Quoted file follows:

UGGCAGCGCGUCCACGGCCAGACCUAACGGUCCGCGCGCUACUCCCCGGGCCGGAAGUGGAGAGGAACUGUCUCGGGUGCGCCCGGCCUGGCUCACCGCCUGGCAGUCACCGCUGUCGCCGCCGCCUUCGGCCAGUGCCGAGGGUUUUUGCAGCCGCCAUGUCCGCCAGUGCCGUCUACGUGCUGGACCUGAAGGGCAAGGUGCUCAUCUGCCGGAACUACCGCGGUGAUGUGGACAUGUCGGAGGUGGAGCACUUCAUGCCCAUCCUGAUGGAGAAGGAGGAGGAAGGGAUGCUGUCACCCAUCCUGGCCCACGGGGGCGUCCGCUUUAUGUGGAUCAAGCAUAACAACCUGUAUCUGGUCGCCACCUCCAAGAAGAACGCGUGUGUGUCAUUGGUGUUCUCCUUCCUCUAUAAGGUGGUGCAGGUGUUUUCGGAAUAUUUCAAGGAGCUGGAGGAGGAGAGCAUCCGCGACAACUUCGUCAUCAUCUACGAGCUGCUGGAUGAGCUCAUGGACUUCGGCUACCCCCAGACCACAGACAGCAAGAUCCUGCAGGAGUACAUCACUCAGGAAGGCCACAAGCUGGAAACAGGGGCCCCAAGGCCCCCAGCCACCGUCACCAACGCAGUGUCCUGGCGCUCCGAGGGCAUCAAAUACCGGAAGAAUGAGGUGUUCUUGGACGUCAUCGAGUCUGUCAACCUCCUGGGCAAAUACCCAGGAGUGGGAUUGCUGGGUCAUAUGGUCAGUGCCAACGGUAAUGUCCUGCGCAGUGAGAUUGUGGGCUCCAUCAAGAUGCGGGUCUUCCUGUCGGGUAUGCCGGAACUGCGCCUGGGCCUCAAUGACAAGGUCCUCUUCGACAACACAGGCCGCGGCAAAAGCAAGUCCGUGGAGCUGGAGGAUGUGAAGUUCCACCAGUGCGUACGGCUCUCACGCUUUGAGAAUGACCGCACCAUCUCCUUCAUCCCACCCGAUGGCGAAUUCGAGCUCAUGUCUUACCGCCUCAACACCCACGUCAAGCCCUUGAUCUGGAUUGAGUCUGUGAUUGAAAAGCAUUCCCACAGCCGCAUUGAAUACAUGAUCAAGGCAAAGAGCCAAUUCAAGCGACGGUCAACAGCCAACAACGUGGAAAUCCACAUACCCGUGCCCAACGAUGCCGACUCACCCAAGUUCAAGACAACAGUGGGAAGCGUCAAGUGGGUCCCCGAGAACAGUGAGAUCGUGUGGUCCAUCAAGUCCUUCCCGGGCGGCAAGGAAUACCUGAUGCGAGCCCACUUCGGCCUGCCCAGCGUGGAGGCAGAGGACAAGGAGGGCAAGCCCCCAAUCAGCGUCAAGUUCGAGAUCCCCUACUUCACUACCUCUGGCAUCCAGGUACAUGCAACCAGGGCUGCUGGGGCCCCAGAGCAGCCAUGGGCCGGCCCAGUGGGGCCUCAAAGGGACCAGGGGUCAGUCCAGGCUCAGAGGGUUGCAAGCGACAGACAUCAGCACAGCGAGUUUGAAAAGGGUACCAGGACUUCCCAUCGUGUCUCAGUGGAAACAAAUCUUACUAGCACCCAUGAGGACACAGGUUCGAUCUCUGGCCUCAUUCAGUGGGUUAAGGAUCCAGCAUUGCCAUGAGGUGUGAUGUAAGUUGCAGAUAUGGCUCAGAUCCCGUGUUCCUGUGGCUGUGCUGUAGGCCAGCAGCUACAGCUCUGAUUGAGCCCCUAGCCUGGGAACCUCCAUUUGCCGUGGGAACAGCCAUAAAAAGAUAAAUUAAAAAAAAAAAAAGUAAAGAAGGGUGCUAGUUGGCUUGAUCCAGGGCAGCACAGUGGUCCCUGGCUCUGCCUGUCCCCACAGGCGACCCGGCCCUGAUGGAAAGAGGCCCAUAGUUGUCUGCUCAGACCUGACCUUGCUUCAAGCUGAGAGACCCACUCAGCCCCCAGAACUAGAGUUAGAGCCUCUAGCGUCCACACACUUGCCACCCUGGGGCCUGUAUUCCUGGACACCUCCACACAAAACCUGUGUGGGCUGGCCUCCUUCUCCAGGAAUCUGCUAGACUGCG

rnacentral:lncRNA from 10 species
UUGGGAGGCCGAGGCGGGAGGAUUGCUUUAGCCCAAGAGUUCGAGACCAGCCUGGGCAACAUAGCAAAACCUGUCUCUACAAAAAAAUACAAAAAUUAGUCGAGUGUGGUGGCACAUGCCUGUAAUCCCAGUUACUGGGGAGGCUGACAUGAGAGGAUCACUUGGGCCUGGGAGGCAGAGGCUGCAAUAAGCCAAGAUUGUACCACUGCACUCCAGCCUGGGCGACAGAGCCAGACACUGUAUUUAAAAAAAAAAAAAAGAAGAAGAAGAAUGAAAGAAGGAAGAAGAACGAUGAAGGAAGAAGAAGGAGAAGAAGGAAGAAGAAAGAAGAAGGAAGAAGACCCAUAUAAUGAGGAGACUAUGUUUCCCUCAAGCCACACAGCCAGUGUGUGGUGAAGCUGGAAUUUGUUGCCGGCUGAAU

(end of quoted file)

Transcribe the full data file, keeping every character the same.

UGGCAGCGCGUCCACGGCCAGACCUAACGGUCCGCGCGCUACUCCCCGGGCCGGAAGUGGAGAGGAACUGUCUCGGGUGCGCCCGGCCUGGCUCACCGCCUGGCAGUCACCGCUGUCGCCGCCGCCUUCGGCCAGUGCCGAGGGUUUUUGCAGCCGCCAUGUCCGCCAGUGCCGUCUACGUGCUGGACCUGAAGGGCAAGGUGCUCAUCUGCCGGAACUACCGCGGUGAUGUGGACAUGUCGGAGGUGGAGCACUUCAUGCCCAUCCUGAUGGAGAAGGAGGAGGAAGGGAUGCUGUCACCCAUCCUGGCCCACGGGGGCGUCCGCUUUAUGUGGAUCAAGCAUAACAACCUGUAUCUGGUCGCCACCUCCAAGAAGAACGCGUGUGUGUCAUUGGUGUUCUCCUUCCUCUAUAAGGUGGUGCAGGUGUUUUCGGAAUAUUUCAAGGAGCUGGAGGAGGAGAGCAUCCGCGACAACUUCGUCAUCAUCUACGAGCUGCUGGAUGAGCUCAUGGACUUCGGCUACCCCCAGACCACAGACAGCAAGAUCCUGCAGGAGUACAUCACUCAGGAAGGCCACAAGCUGGAAACAGGGGCCCCAAGGCCCCCAGCCACCGUCACCAACGCAGUGUCCUGGCGCUCCGAGGGCAUCAAAUACCGGAAGAAUGAGGUGUUCUUGGACGUCAUCGAGUCUGUCAACCUCCUGGGCAAAUACCCAGGAGUGGGAUUGCUGGGUCAUAUGGUCAGUGCCAACGGUAAUGUCCUGCGCAGUGAGAUUGUGGGCUCCAUCAAGAUGCGGGUCUUCCUGUCGGGUAUGCCGGAACUGCGCCUGGGCCUCAAUGACAAGGUCCUCUUCGACAACACAGGCCGCGGCAAAAGCAAGUCCGUGGAGCUGGAGGAUGUGAAGUUCCACCAGUGCGUACGGCUCUCACGCUUUGAGAAUGACCGCACCAUCUCCUUCAUCCCACCCGAUGGCGAAUUCGAGCUCAUGUCUUACCGCCUCAACACCCACGUCAAGCCCUUGAUCUGGAUUGAGUCUGUGAUUGAAAAGCAUUCCCACAGCCGCAUUGAAUACAUGAUCAAGGCAAAGAGCCAAUUCAAGCGACGGUCAACAGCCAACAACGUGGAAAUCCACAUACCCGUGCCCAACGAUGCCGACUCACCCAAGUUCAAGACAACAGUGGGAAGCGUCAAGUGGGUCCCCGAGAACAGUGAGAUCGUGUGGUCCAUCAAGUCCUUCCCGGGCGGCAAGGAAUACCUGAUGCGAGCCCACUUCGGCCUGCCCAGCGUGGAGGCAGAGGACAAGGAGGGCAAGCCCCCAAUCAGCGUCAAGUUCGAGAUCCCCUACUUCACUACCUCUGGCAUCCAGGUACAUGCAACCAGGGCUGCUGGGGCCCCAGAGCAGCCAUGGGCCGGCCCAGUGGGGCCUCAAAGGGACCAGGGGUCAGUCCAGGCUCAGAGGGUUGCAAGCGACAGACAUCAGCACAGCGAGUUUGAAAAGGGUACCAGGACUUCCCAUCGUGUCUCAGUGGAAACAAAUCUUACUAGCACCCAUGAGGACACAGGUUCGAUCUCUGGCCUCAUUCAGUGGGUUAAGGAUCCAGCAUUGCCAUGAGGUGUGAUGUAAGUUGCAGAUAUGGCUCAGAUCCCGUGUUCCUGUGGCUGUGCUGUAGGCCAGCAGCUACAGCUCUGAUUGAGCCCCUAGCCUGGGAACCUCCAUUUGCCGUGGGAACAGCCAUAAAAAGAUAAAUUAAAAAAAAAAAAAGUAAAGAAGGGUGCUAGUUGGCUUGAUCCAGGGCAGCACAGUGGUCCCUGGCUCUGCCUGUCCCCACAGGCGACCCGGCCCUGAUGGAAAGAGGCCCAUAGUUGUCUGCUCAGACCUGACCUUGCUUCAAGCUGAGAGACCCACUCAGCCCCCAGAACUAGAGUUAGAGCCUCUAGCGUCCACACACUUGCCACCCUGGGGCCUGUAUUCCUGGACACCUCCACACAAAACCUGUGUGGGCUGGCCUCCUUCUCCAGGAAUCUGCUAGACUGCG

rnacentral:lncRNA from 10 species
UUGGGAGGCCGAGGCGGGAGGAUUGCUUUAGCCCAAGAGUUCGAGACCAGCCUGGGCAACAUAGCAAAACCUGUCUCUACAAAAAAAUACAAAAAUUAGUCGAGUGUGGUGGCACAUGCCUGUAAUCCCAGUUACUGGGGAGGCUGACAUGAGAGGAUCACUUGGGCCUGGGAGGCAGAGGCUGCAAUAAGCCAAGAUUGUACCACUGCACUCCAGCCUGGGCGACAGAGCCAGACACUGUAUUUAAAAAAAAAAAAAAGAAGAAGAAGAAUGAAAGAAGGAAGAAGAACGAUGAAGGAAGAAGAAGGAGAAGAAGGAAGAAGAAAGAAGAAGGAAGAAGACCCAUAUAAUGAGGAGACUAUGUUUCCCUCAAGCCACACAGCCAGUGUGUGGUGAAGCUGGAAUUUGUUGCCGGCUGAAU